Few ERS and NIFA replacements as relocation reaches milestone date
When Agriculture Secretary Sonny Perdue announced Kansas City as the new home for two USDA research agencies, officials laid out an aggressive schedule to have everyone in place by today, the final day of fiscal 2019. The USDA has hired only a comparative handful of workers to stanch staff turnover that could exceed 75 percent.
Report: Rural America is not one-size-fits-all when it comes to policy
A comparatively small portion of the U.S. population, roughly 60 million of the nearly 330 million residents, lives in rural America. But that portion is spread across 97 percent of the nation’s land. A new report from the American Communities Project at George Washington University says the immense diversity of rural America defeats the usual approach of a “one size fits all” policy for rural economic growth.
TODAY’S QUICK HITS
Interior changes its mind about Shasta Dam (New York Times): Preliminary work has begun to raise the height of Shasta Dam in Northern California. It marks a change of direction at the Interior Department that coincides with the tenure of Secretary David Bernhardt, who was chief lobbyist for years for the heavily agricultural water district that would benefit from the higher dam.
Landscape corridors work (Washington Post): A long-running experiment in South Carolina shows that landscape corridors of undeveloped or restored land that connect wildlife habitat result in a wider range of plants and fewer extinctions than in isolated pockets of land.
Trump signs bill with trade-war payments (White House): The president signed into law a stopgap funding bill that will keep the government open until Nov. 21 and replenishes funding for the USDA agency that pays billions of dollars to farmers to mitigate the impact of the Sino-U.S. trade war.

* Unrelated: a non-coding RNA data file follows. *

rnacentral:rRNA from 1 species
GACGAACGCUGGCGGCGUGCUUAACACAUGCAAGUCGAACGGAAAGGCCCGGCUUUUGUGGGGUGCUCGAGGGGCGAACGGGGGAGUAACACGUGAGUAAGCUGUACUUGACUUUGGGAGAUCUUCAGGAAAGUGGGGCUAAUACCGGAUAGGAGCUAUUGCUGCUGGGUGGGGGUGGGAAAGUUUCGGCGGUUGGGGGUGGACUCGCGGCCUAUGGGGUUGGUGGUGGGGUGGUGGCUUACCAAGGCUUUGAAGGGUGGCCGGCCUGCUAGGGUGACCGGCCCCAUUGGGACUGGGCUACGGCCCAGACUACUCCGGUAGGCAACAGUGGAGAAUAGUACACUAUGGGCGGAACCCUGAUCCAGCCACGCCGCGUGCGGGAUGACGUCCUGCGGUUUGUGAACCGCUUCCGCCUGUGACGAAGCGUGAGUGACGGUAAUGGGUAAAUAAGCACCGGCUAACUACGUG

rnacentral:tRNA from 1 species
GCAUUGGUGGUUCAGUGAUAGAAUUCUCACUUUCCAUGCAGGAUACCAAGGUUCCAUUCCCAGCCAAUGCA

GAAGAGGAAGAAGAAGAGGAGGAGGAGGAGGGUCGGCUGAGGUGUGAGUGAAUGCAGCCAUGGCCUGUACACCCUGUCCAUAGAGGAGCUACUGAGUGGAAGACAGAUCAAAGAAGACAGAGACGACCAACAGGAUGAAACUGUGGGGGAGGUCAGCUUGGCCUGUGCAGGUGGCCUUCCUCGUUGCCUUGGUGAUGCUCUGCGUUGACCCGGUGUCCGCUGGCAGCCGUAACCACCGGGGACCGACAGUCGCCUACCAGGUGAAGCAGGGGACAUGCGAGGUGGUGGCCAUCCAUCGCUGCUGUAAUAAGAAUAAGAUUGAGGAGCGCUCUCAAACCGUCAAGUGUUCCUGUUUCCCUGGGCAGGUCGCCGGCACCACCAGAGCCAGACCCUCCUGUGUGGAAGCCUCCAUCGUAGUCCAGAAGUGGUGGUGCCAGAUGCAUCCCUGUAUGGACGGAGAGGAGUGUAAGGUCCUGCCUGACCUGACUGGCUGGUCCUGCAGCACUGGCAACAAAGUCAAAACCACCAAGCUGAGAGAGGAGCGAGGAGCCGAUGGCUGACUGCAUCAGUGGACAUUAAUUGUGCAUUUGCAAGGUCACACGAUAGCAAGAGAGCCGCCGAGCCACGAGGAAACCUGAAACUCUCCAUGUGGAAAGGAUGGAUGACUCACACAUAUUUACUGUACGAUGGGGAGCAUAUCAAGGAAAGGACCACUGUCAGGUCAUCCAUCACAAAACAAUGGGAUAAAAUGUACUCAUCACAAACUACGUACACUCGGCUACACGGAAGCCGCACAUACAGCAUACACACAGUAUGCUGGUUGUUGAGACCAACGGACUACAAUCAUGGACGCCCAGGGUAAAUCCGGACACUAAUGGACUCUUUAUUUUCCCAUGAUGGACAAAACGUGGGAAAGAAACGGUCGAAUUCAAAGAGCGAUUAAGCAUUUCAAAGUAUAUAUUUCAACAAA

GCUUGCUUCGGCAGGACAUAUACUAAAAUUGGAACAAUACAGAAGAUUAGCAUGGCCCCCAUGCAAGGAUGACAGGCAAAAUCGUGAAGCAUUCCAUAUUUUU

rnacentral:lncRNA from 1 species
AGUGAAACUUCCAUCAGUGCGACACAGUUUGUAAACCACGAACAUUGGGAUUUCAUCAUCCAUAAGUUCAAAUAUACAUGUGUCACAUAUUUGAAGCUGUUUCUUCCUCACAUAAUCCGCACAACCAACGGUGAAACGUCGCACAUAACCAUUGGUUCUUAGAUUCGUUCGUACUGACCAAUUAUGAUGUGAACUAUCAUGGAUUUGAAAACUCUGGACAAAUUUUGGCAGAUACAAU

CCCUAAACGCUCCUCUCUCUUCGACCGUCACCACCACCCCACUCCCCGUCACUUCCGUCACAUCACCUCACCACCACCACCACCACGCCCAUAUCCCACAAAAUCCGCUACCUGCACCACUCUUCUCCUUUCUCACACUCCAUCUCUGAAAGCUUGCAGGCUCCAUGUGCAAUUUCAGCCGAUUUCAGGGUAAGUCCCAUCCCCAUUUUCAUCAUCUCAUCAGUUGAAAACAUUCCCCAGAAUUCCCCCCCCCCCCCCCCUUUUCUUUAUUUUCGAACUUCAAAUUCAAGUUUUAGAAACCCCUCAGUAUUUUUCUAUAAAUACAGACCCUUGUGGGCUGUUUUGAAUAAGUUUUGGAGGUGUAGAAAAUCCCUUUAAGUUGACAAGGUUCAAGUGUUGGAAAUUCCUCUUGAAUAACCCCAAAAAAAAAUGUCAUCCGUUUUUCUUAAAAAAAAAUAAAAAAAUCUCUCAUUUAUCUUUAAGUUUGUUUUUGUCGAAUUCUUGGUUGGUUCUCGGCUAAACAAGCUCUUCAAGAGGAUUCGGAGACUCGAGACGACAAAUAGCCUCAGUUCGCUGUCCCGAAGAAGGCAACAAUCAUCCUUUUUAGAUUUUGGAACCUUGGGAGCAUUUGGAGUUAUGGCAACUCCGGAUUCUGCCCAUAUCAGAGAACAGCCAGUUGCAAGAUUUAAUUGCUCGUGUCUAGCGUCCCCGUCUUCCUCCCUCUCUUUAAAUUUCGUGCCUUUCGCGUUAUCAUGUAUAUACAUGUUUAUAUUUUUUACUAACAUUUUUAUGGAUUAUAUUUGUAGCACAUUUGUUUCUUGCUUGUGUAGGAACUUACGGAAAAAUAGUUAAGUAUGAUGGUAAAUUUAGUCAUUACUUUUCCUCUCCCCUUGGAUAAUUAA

Separate track for USMCA (KTIC): Congressional action on the “new NAFTA” will run on a separate track than the impeachment inquiry announced last week by House Speaker Nancy Pelosi, said Rep. Henry Cueller, Texas Democrat and an advocate for adoption of the free trade pact.
Orchards go RAD and it’s bad (Allegheny Front): Variously called Rapid Apple Decline or Sudden Apple Decline, a mysterious malady is killing young apple trees from the Carolinas to Pennsylvania.
ON THE USDA CALENDAR
– USDA releases annual Small Grains Summary and quarterly Grain Stocks reports, noon ET. Traders expect USDA to lower its estimates of corn and soybean stockpiles at the Sept. 1 start of this marketing year, according to surveys by Reuters and Bloomberg. Even so, the soybean inventory would be more than double its size a year ago.
– Council for Agricultural Science and Technology releases issue paper, “Protecting food animal gene pools for future generations,” and holds three briefings in Washington, beginning at 10 a.m. on Capitol Hill.
– USDA releases weekly Crop Progress report, 4 p.m. ET.
– Purdue University releases monthly Ag Economy Barometer, “a nationwide measure of the health of the U.S. agricultural economy.
– International Dairy Foods Association holds executive council and industry segments board meetings, through Thursday, Indianapolis.
– UN Food and Agriculture Organization releases monthly Food Price Index, Rome.
-New York Times food festival, through Sunday, Bryant Park, New York City.